CIA Director Mike Pompeo hasn’t yet been confirmed as secretary of state after the ousting of Rex Tillerson. Yet President Trump must feel confident about Pompeo’s chances because he confirmed in a tweet that his nominee secretly met with North Korean leader Kim Jong-un in Pyongyang over Easter weekend (as first reported by the Washington Post). According to Trump, the “[m]eeting went very smoothly and a good relationship was formed.” Pompeo apparently also laid some groundwork for denuclearization talks that are expected to go down during the upcoming meeting/summit (due to happen before late May) between Trump and Kim.
This clandestine meeting signals yet another diplomatic stride on behalf of Kim Jong-un, the famously reclusive leader who has been atypically outgoing lately, possibly because severe economic sanctions on North Korea leave him no other choice. He recently embraced South Korean culture by attending a K-pop concert and reportedly even pledged to put down the nukes while visiting China. Kim also wants to secure a peace treaty when he meets with Trump, but critics of Pompeo’s visit say that it wasn’t as productive as it should have been and sets an unpromising precedent for the Trump meeting.
That is to say, Pompeo returned “empty handed” in a sense because he didn’t come back from North Korea with the three American detainees that are being held by Kim Jong-un’s regime. CNN quotes Adam Mount, a nuclear deterrence expert at the Defense Posture Project at the Federation of American Scientists, on why this looks like a bad U.S. strategy:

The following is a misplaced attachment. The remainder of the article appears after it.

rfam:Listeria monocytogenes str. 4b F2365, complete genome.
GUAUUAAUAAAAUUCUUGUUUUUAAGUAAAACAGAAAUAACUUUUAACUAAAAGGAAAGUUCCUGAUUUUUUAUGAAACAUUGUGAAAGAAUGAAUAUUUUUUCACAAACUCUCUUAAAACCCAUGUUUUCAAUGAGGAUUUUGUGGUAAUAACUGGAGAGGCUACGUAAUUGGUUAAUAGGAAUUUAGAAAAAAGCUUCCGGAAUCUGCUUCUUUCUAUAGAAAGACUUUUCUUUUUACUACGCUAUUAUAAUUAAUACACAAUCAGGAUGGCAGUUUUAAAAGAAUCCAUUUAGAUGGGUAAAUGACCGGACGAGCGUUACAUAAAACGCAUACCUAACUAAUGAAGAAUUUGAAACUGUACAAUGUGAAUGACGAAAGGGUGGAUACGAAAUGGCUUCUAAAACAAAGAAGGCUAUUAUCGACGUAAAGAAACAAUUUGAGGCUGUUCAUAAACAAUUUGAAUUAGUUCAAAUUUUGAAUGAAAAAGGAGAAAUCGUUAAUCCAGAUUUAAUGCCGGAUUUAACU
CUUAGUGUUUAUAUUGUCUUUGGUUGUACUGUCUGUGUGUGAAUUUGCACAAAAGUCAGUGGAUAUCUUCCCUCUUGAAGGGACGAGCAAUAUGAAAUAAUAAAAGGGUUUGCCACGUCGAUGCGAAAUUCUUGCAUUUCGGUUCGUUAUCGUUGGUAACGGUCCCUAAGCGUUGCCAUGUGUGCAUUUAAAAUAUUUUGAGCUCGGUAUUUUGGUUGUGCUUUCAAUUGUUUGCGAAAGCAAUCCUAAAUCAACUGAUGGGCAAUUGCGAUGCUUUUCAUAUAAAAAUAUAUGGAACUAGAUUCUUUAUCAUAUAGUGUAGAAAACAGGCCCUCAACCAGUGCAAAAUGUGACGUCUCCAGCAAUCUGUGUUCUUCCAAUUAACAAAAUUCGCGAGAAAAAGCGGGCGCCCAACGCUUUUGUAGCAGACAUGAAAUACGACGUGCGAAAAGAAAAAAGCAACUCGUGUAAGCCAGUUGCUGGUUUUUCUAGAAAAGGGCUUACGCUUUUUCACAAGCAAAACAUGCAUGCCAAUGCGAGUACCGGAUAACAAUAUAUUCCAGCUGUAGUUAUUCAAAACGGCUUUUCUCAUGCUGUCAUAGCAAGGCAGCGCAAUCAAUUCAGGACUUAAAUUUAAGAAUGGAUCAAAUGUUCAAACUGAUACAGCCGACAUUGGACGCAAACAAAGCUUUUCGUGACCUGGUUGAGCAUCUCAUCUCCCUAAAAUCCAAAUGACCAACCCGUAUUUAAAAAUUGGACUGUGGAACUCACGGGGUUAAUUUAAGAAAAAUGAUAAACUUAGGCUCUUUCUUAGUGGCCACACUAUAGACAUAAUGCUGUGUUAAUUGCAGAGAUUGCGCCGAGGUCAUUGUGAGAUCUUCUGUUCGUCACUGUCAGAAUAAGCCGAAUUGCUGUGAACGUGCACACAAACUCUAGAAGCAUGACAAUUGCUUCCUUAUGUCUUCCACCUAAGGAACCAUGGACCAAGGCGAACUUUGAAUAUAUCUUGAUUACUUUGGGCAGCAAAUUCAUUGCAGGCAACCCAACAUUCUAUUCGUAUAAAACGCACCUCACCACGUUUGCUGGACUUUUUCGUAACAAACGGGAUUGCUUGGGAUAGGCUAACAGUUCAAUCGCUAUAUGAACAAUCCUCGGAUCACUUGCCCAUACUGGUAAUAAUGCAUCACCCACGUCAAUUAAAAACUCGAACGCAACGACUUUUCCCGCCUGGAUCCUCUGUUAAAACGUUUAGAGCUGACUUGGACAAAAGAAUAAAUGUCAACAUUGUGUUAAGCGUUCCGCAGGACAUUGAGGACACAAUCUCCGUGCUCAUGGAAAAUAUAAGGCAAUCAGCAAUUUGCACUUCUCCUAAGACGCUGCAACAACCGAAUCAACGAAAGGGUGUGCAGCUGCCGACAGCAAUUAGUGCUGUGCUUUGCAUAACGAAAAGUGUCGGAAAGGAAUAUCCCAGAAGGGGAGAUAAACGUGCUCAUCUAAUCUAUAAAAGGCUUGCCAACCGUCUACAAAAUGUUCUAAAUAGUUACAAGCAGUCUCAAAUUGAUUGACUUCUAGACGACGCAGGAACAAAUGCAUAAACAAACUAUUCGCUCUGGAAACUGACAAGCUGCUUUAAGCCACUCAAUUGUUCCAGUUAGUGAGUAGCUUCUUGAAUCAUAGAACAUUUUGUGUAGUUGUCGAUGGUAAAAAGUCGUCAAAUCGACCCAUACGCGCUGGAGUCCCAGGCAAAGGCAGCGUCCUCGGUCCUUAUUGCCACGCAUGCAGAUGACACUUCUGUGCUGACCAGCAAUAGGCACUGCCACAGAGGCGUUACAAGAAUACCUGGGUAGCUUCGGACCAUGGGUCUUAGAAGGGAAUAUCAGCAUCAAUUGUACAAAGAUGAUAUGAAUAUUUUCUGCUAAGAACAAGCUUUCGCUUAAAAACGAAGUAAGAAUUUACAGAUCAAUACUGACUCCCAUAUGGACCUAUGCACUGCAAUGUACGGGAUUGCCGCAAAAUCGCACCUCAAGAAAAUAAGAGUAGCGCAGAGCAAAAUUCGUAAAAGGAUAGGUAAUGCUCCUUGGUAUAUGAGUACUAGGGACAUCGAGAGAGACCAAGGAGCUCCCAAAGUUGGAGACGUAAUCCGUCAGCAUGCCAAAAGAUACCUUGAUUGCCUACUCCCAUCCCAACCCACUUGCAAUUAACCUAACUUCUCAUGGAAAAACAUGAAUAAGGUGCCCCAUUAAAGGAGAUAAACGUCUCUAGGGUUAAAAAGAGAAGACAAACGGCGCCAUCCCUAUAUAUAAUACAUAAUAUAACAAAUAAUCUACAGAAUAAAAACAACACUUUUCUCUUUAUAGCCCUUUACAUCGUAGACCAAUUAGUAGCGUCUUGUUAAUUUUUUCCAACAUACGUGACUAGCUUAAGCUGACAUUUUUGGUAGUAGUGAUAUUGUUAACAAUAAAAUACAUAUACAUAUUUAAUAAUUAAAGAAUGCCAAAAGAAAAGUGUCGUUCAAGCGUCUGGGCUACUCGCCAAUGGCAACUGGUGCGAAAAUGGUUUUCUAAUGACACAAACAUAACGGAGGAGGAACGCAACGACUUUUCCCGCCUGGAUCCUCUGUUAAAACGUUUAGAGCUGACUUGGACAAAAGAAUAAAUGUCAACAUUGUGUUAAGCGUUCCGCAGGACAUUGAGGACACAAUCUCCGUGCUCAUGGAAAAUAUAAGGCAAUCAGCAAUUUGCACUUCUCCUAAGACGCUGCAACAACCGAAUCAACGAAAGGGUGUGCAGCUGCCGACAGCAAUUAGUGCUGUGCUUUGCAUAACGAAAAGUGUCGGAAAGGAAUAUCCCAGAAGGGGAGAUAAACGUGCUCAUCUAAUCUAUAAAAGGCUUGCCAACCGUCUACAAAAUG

“It’s strange to see the nominee for Secretary of State come and go from Pyongyang without securing the release of the three Americans imprisoned there. I expect they will be released, but the United States should not pay a price for their freedom.”
Meanwhile, no one is quite sure where Trump and Kim plan to hold their summit/photo op next month, but the venue definitely won’t be located in the U.S. American officials have suggested the Demilitarized Zone (DMZ) along with Sweden (an obvious choice for its neutrality factor) or possibly Singapore or Malaysia. More details are sure to come soon.